Posts tagged ‘war of 1812’

PROUD AND FREE

America’s Star Spangled Story Celebrating 200 Hundred Years of the National Anthem

Written by Jane Hampton Cook

An interesting book that uses each line of The Star Spangled Banner to trace the history of the events of the War of 1812 when the British attempted to control Washington, DC, the key players in the events, background events, and photos from the past and present. The author narrates the history of the battle for control of Fort McHenry relating to the lines of the song as it was penned in the midst of the battle. Occasionally the author dips back in time to muse about the thoughts of the Pilgrims as they landed on the shores of America, and the Patriots as they fought for freedom from Great Britain during the American Revolution. They believed that The War of 1812 and the destruction of the Capitol by the British added insult to injury.

Readers are encouraged to think about the images that each line of this now famous song evoke in their minds and hearts. Perhaps few Americans are aware that the song did not gain widespread notoriety until the end of the nineteenth century and was not made the official national anthem until the administration of Herbert Hoover.

Anyone with an interest in American history and this beautiful song will find the short book entertaining and informative. Appropriate for readers age ten and older.

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PROUD AND FREE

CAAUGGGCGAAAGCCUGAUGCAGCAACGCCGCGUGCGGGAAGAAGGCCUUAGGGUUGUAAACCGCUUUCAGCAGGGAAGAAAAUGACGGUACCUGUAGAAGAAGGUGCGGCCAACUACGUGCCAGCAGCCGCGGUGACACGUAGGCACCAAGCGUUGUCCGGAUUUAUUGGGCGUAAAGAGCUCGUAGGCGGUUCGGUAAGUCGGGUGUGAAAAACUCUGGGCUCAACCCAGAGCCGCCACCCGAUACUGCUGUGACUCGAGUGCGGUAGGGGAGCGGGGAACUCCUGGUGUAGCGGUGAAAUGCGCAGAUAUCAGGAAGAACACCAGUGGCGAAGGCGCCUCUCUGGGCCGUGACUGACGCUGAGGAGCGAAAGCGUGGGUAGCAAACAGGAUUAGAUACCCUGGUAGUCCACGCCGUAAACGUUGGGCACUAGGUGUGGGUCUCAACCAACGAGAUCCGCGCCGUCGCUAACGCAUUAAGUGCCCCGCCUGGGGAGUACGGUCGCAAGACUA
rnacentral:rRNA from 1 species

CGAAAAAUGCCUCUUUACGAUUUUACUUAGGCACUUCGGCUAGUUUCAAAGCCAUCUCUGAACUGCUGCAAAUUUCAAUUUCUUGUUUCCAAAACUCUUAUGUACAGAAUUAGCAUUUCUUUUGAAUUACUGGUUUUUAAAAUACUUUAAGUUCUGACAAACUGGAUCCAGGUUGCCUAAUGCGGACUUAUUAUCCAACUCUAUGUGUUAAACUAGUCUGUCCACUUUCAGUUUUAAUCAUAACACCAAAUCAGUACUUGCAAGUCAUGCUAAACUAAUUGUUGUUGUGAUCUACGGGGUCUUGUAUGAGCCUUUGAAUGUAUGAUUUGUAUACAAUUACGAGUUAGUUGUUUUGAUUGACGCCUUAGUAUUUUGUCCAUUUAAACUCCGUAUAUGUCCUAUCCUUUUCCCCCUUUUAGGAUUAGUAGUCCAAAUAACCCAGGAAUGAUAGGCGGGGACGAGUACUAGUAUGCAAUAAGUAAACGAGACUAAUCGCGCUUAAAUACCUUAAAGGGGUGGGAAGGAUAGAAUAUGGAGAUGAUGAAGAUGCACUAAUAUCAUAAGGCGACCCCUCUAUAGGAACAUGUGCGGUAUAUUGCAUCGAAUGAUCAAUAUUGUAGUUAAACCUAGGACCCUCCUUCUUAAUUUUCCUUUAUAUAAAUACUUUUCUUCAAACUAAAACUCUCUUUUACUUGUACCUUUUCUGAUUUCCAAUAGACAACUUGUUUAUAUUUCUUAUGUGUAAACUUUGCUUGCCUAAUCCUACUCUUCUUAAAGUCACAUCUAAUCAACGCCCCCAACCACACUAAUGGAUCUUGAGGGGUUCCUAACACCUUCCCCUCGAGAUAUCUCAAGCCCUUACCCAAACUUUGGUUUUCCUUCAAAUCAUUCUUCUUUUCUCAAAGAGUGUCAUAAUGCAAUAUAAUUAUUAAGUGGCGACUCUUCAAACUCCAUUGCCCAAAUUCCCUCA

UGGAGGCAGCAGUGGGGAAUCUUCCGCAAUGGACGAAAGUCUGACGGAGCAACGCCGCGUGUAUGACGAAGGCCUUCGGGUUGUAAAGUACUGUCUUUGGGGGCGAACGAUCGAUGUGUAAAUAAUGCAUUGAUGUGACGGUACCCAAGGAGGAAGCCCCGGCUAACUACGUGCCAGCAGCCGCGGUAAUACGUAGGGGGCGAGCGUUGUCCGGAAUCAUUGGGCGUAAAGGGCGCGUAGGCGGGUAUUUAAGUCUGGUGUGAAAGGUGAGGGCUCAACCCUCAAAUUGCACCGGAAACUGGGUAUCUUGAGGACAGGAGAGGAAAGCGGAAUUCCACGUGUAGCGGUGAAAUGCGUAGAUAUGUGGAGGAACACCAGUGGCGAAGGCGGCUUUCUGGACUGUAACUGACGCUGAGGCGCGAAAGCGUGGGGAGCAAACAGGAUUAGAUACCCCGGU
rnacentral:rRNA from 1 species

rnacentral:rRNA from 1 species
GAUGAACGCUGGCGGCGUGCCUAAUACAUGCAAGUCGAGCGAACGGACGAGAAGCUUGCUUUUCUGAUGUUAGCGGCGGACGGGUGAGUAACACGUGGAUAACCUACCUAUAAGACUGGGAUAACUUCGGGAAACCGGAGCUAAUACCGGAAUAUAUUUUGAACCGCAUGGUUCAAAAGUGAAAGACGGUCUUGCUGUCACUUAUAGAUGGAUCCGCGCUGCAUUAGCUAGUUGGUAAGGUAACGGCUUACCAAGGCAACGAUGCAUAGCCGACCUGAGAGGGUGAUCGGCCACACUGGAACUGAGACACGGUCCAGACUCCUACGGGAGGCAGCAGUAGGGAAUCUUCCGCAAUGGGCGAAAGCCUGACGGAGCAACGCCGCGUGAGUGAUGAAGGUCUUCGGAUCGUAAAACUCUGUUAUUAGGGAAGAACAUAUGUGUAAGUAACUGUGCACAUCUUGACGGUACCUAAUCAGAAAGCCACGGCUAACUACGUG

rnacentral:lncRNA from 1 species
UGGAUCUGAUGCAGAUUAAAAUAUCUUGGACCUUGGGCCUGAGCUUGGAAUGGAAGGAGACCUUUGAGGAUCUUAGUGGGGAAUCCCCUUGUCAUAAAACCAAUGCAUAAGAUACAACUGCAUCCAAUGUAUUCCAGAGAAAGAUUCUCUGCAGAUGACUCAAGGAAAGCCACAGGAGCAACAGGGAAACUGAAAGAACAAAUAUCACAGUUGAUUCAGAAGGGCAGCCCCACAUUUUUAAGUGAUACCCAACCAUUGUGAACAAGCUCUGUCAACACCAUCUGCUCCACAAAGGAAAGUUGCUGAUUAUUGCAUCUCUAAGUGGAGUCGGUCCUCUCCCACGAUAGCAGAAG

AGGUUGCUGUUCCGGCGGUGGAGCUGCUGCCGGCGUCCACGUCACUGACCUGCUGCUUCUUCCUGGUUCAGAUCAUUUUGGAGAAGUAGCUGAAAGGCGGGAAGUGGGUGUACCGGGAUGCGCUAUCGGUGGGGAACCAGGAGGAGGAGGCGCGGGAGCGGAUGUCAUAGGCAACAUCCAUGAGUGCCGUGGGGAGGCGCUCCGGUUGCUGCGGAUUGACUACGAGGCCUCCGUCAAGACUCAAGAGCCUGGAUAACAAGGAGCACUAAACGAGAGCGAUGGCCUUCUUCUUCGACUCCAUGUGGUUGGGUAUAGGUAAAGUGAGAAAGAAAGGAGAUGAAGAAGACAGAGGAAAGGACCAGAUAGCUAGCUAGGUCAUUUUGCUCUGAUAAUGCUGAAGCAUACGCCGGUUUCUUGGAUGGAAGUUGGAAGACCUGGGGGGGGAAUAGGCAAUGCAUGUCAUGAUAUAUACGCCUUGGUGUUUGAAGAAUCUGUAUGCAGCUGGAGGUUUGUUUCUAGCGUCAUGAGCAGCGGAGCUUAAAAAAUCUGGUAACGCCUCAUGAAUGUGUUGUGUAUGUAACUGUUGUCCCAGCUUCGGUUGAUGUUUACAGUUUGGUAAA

America’s Star Spangled Story Celebrating 200 Hundred Years of the National Anthem

Written by Jane Hampton Cook

starspangledbanner

An interesting book that uses each line of The Star Spangled Banner to trace the history of the events of the War of 1812 when the British attempted to control Washington, DC, the key players in the events, background events, and photos from the past and present. The author narrates the history of the battle for control of Fort McHenry relating to the lines of the song as it was penned in the midst of the battle. Occasionally the author dips back in time to muse about the thoughts of the Pilgrims as they landed on the shores of America, and the Patriots as they fought for freedom from Great Britain during the American Revolution. They believed that The War of 1812 and the destruction of the Capitol by the British added insult to injury.

Readers are encouraged to think about the images that each line of this now famous song evoke in their minds and hearts. Perhaps few Americans are aware that the song did not gain widespread notoriety until the end of the nineteenth century and was not made the official national anthem until the administration of Herbert Hoover.

Anyone with an interest in American history and this beautiful song will find the short book entertaining and informative. Appropriate for readers age ten and older.

If you enjoyed reading this post, please subscribe by clicking on the word Follow or by hitting the orange RSS FEED button in the upper right hand corner of this page.

STEP INTO THE WAR OF 1812

Sackets Harbor Powder Monkey: The War of 1812

by Hope Irvin Marston

SackettsHarborPowderMonkey